Characterize a queue, based on probabilistic assumptions about arrivals and service times, number of servers, buffer size and service discipline
Describe the basics of discrete time and continuous time Markov chains
Model simple queuing systems, e.g. M/M/1 or M/M/C/C queues, as continuous time Markov chains
Compute key performance indicators, such as an average delay, a resource utilization rate, or a loss probability, in simple single-server or multi-server system
Design queuing simulations with the Python language to analyze how systems with limited resources distribute them between customers
Situations where resources are shared among users appear in a wide variety of domains, from lines at stores and toll booths to queues in telecommunication networks. The management of these shared resources can have direct consequences on users, whether it be waiting times or blocking probabilities.
In this course, you’ll learn how to describe a queuing system statistically, how to model the random evolution of queue lengths over time and calculate key performance indicators, such as an average delay or a loss probability.
This course is aimed at engineers, students and teachers interested in network planning.
Practical coursework will be carried out using ipython notebooks on a Jupyterhub server which you will be given access to.
“Great MOOC ! The videos, which are relatively short, provide a good recap on Markov chains and how they apply to queues. The quizzes work well to check if you’ve understood.” Loïc, beta-tester
“The best MOOC on edX! I’m finishing week 2 and I’ve never seen that much care put in a course lab! And I love these little gotchas you put into quizzes here and there! Thank you!” rka444, learner from Session 1, February – March 2018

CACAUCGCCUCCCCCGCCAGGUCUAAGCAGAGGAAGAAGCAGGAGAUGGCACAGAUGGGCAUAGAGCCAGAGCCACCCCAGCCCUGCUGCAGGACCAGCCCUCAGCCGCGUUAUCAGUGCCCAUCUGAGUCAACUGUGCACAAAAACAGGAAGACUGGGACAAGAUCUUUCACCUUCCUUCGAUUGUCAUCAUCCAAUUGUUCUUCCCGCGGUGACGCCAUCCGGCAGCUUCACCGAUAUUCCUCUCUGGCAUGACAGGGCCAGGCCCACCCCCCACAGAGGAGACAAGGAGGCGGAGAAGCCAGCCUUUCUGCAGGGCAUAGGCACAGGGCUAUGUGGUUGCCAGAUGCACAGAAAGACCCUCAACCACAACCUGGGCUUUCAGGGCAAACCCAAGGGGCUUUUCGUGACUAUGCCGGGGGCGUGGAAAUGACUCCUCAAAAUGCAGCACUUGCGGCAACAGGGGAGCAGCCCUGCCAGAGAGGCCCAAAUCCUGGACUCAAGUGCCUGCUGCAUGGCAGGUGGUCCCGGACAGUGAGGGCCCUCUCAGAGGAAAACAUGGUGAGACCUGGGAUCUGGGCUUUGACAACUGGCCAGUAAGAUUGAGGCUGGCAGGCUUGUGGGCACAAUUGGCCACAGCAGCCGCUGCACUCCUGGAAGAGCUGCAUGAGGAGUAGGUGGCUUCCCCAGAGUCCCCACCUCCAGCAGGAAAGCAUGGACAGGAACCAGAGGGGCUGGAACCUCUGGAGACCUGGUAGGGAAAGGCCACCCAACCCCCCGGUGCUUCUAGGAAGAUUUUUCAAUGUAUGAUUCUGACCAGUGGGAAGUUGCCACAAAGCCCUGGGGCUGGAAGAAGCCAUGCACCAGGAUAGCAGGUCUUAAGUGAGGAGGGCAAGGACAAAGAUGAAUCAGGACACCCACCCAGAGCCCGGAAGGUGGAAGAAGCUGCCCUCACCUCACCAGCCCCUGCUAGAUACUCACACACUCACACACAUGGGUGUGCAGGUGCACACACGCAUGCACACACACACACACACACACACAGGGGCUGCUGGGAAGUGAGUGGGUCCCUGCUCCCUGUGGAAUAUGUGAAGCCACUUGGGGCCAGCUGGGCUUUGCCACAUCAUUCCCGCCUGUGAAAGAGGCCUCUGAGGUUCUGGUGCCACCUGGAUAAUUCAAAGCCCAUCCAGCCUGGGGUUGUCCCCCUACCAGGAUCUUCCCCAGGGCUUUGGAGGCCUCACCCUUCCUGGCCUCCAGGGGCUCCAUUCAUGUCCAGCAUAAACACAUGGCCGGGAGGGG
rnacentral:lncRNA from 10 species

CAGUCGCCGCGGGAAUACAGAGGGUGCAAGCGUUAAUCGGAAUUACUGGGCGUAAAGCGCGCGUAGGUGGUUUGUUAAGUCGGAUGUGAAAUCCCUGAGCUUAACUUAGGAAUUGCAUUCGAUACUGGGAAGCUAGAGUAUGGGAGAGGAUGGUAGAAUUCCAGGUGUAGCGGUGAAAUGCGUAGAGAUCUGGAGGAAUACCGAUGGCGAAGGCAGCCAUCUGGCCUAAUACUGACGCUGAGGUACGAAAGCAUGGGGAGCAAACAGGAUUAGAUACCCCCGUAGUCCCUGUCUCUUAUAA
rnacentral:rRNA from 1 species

This is a five week course :
Week 1 is an introduction to queuing theory. We will introduce basic notions such as arrivals and departures. Particular attention will be paid to the Poisson process and to exponential distribution, two important particular cases of arrivals and service times.
During week 2 we will analyze a first simple example of a no-loss queue, the so called M/M/1 queue, and we will compute its average performance metrics.
Week 3 will be dedicated to a basic course in discrete time Markov chains. We will learn how they are characterized and how to compute their steady-state distribution.
Then in week 4 we will move on to continuous time Markov chains. Again we will learn how to characterize them and how to analyze their steady-state distribution. Equipped with these tools we will then analyze the M/M/1 queue.
In week 5 we will study multiserver and finite capacity queues and study how to dimension a loss network.
Each week of the course will include five or six video lectures, a quiz to test your understanding of the main concepts introduced during that week and a lab using python.
Some knowledge of basic statistical theory and probability will be required for the course. Lab work will require some familiarity with Python 3.
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